It’s All The Same

Ken at the steelbrassnwood blog has a nice piece on the Philip Glass/Ira Glass meetup, “Glass On Glass”:

Glass (Philip, that is) discusses his take on emotion in music:

So Ira asked the obvious question, the one many people ask about Glass’s music. If he creates it by establishing small, simple elements, and then varying them with almost algorithmic precision, how does he put emotion and feeling into his work? Where is the beauty in mathematical repetition of notes.

“It’s not hard to put emotion in,” he answered. “It’s impossible to take it out. It comes from the listener. The feeling comes anyway. It’s part of being human. I don’t have to worry about it.” Indeed, he said, he’s even tried — unsuccessfully — to take emotion out of music altogether.

“Why?” asked Ira, shocked. “Why would you do that?”

“Because if I could take it out,” Philip responded, “I could figure out what it was.” Spoken like a scientist. If you can’t identify something, take away everything you can identify and study the remainder. It sounds cold, perhaps, but only to someone who doesn’t understand science. This is how some of the world’s most magnificent mysteries have been explored.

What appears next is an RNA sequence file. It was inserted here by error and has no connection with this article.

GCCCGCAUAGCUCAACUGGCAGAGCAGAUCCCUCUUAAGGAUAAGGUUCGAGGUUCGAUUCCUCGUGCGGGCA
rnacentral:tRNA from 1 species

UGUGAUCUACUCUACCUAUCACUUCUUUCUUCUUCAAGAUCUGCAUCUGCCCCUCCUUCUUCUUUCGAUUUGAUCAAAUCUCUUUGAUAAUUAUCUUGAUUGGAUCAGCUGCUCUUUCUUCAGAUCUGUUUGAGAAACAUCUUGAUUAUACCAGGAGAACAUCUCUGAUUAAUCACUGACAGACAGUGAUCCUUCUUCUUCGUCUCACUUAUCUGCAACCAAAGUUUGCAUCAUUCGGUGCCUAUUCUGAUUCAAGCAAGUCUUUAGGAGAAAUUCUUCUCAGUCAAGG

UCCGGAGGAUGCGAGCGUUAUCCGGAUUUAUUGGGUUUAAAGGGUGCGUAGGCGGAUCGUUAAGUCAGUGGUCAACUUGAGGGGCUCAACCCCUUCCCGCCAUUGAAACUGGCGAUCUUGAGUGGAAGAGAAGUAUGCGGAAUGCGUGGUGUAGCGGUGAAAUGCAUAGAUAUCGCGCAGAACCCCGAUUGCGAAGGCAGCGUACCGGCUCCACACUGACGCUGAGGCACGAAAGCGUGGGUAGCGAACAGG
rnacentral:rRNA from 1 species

It seems to me that music does certain visceral emotions well: mostly happy and sad. How much music is truly scary, though? I don’t mean in a heavy metal shocking sort of way, but truly scary like a good horror film? Most horror film soundtracks follow on Bernard Herrmann’s Psycho formula of scratchy strings and staccato stings. AC/DC’s Night Prowler freaks me out – I still can’t listen to it late at night. But other than that, I know of no songs that are genuinely frightening.

Horror film soundtracks have the advantage of (hopefully) horrific visuals to help the music, though it’s supposed to be the other way around. I have some sounds which I find disconcerting that will no doubt make their way into Der Golem. My goal has thus far been to give myself the chills while watching a movie that is, after 90 years, rather tame (despite the fascinating thematic content).

These comments from Mr. Glass (Philip, that is) make me want to think about that for a little bit first.

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